Harp Lake

John Hollander, Author Alfred A. Knopf $8.95 (94p) ISBN 978-0-394-72051-7
Hollander's poetry is mainly concerned with writing itself and with the creation of art in general. And Harp Lake is no exception: it abounds with references to sculpting, painting, writing and, especially, to working with clay. Presumably, Hollander himself is the subject of ``The Mad Potter,'' impressing his pots with `` . . . inscriptions / That told a story only when you'd learned / How not to read them. . . . '' The Bollingen Prize-winner certainly knows his craft; Hollander's poems demonstrate indisputable technical control. But mere skill cannot carry him to heights of excellence; too often his facility with overused poetic tropes (death, autumn leaves, mirrors) subdues or silences his originality. Hollander at times seems aware of this problem, as ``All Our Poems of Death Are Juvenilia'' suggestsyet he does little to resist. The poet's self-involvement is another liability here. Although Hollander muses on history and mortality with sincerity and sensitivity, most poems are limited, not extended, by his persona. Women, especially, are rarely more than shadowy figures who frequent bodies of water. (Nov.)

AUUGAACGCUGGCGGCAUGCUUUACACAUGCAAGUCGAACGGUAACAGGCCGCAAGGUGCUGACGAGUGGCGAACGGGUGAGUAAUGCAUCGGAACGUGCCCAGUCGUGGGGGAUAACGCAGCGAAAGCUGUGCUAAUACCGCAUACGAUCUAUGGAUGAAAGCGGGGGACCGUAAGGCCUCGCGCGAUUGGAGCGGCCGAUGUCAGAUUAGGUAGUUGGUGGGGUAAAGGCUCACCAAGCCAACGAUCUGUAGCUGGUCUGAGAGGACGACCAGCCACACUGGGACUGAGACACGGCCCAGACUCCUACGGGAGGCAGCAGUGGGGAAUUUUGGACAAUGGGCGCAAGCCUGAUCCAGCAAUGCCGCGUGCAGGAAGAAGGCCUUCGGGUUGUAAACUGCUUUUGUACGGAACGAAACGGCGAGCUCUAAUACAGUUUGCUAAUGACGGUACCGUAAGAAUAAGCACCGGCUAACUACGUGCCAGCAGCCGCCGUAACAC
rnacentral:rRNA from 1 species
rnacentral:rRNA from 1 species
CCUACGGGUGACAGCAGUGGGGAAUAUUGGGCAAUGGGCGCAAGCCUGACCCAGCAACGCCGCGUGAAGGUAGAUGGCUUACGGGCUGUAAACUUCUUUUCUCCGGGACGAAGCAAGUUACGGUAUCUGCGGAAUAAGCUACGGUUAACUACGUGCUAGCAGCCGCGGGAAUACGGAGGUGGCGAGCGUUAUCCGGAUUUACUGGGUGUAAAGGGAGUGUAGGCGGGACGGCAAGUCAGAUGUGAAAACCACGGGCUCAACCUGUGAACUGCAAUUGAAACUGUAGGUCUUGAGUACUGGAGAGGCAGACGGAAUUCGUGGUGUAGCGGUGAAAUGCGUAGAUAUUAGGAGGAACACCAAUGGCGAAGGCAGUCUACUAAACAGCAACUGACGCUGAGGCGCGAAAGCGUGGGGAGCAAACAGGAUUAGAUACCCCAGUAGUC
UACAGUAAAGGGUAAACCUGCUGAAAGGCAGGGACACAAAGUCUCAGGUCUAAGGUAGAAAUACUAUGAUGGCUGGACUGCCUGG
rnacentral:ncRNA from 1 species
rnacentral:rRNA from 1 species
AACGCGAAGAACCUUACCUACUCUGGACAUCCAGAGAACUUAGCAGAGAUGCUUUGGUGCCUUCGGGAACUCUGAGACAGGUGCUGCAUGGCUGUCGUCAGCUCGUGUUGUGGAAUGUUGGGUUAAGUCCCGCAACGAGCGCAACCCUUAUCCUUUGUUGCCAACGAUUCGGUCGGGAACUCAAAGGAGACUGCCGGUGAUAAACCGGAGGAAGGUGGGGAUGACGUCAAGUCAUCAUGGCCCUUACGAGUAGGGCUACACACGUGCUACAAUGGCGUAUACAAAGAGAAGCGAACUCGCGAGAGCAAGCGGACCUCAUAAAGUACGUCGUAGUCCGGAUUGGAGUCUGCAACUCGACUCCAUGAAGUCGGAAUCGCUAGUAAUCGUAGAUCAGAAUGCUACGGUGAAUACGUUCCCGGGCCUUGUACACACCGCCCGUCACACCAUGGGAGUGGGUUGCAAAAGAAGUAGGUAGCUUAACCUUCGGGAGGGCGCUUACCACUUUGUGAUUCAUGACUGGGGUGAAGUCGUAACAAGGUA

Reviewed on: 11/03/1988
Release date: 11/01/1988
Genre: Fiction
Hardcover - 94 pages - 978-0-394-57247-5
Show other formats
Discover what to read next